Tone Report Weekly Issue 114 - Page 50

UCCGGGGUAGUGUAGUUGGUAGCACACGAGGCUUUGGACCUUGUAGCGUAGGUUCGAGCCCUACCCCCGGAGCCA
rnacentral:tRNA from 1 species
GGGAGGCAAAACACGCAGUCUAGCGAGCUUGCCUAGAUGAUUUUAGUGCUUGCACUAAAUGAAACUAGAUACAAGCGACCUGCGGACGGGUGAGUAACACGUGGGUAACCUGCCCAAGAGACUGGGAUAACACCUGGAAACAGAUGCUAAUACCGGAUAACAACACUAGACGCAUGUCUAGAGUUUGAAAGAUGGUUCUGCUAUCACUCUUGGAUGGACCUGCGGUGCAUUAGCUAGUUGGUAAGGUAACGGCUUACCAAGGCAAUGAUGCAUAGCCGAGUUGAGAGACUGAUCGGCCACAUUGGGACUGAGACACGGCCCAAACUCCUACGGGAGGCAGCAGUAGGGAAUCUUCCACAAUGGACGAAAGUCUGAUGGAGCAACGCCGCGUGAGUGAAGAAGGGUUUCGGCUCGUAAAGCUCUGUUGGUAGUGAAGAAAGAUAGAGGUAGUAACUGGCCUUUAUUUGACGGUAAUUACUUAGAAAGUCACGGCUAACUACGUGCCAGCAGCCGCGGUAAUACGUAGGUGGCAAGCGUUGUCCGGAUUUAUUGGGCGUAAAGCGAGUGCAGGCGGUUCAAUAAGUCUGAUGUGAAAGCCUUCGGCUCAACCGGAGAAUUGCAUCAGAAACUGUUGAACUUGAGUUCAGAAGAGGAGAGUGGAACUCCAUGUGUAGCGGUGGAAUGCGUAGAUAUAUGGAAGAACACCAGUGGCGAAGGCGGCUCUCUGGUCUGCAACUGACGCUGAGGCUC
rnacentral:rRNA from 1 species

SHOE SAVIOR MACHINE REVIEW BY YOEL KREISLER STREET PRICE $185.00 Many overdrives have come and gone through my studio in the last couple of years. I like to think that I’ve seen it all, that everything that can be done has been done, and that there is really no more room for improvement on what’s essentially a perfected format. Whether one likes his or her tones inspired by the proverbial “mean greenie” or a mythical beast, a complete slew of pedals are available for them. But what if they are looking for something a little different? What if their tastes extend past the tried and true overdrive formulas, and they find themselves wanting 50 GEAR REVIEW // something different? Usually, a certain word will set off the lust. “Smooth,” “gritty,” and “thick” are a few of descriptors that may set players off, but for me, that word is “transparent.” The Shoe Pedals Savior Machine is marketed as such, so naturally, I was quite excited to dig in to this dirt pile to see if I could somehow unearth the unobtanium that is the perfect co mplement to my guitar and amp. The Shoe Savior Machine is CJM Venter’s take on a transparent overdrive circuit, made for placement after delays or reverbs (something that is Shoe Savior Machine tantamount to heresy in some of my circles). However, this pedal is made for shoegaze music, which generally uses a somewhat odd technique to add thickness to delays or reverbs, effectively creating a “wall of sound” that defines this genre. While admittedly I haven’t listened to as much shoegaze as I probably should, I can see how this pedal would do well in those scenarios. It’s a bit darker than an average transparent overdrive, and lends itself to a different style and tone. The pedal has a wonderfully handmade, boutique aesthetic that makes it feel